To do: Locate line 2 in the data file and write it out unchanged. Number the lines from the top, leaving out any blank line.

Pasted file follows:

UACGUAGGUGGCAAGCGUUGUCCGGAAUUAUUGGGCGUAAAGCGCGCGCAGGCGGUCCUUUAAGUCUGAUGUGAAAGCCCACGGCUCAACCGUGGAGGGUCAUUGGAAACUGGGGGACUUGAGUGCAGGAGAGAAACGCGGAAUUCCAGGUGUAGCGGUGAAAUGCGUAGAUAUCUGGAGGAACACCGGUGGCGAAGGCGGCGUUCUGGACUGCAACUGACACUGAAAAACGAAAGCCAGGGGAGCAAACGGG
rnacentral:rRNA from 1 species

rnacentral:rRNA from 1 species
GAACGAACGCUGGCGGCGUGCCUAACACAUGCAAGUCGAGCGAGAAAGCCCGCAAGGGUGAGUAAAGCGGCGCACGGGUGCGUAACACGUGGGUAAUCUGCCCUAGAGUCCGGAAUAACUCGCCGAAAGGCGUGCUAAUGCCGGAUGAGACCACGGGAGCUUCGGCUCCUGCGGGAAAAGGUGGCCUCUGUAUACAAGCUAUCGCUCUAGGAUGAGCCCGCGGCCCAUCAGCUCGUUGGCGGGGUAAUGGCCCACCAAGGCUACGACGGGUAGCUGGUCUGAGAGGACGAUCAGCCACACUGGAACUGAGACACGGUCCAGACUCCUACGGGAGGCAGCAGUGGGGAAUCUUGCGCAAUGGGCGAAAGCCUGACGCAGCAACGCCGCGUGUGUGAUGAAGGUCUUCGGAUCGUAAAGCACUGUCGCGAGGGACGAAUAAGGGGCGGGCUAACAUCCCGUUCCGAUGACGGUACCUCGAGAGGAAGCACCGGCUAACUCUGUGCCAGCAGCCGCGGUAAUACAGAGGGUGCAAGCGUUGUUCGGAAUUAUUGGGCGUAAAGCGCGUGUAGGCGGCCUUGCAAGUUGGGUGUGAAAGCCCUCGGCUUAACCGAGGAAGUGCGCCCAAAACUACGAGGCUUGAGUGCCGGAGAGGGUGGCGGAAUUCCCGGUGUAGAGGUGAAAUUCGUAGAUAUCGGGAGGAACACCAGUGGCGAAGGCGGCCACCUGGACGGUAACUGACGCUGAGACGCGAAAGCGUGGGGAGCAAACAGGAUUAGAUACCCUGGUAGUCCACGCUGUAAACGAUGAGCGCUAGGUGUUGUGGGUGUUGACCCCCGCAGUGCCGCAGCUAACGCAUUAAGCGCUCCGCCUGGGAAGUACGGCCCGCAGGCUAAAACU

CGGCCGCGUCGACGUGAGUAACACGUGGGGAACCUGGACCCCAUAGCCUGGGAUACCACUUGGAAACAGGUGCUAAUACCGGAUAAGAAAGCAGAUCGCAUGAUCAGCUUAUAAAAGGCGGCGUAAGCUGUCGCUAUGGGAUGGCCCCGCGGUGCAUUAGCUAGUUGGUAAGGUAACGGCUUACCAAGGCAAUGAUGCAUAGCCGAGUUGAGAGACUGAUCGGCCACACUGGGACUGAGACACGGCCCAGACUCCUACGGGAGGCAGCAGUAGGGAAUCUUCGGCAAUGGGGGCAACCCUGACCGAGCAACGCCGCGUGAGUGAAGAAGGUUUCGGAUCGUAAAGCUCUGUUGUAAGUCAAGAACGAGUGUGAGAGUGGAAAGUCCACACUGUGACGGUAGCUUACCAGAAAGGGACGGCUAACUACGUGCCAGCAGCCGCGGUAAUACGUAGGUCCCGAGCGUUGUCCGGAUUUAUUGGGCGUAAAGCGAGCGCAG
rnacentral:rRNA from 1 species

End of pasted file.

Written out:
rnacentral:rRNA from 1 species